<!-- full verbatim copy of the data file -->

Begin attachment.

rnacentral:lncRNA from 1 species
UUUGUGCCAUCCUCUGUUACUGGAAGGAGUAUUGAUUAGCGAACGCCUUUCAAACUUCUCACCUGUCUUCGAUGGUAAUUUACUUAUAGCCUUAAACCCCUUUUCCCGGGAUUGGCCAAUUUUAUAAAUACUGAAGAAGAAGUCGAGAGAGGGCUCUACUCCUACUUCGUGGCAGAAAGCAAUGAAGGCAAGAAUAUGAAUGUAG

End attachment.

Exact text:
rnacentral:lncRNA from 1 species
UUUGUGCCAUCCUCUGUUACUGGAAGGAGUAUUGAUUAGCGAACGCCUUUCAAACUUCUCACCUGUCUUCGAUGGUAAUUUACUUAUAGCCUUAAACCCCUUUUCCCGGGAUUGGCCAAUUUUAUAAAUACUGAAGAAGAAGUCGAGAGAGGGCUCUACUCCUACUUCGUGGCAGAAAGCAAUGAAGGCAAGAAUAUGAAUGUAG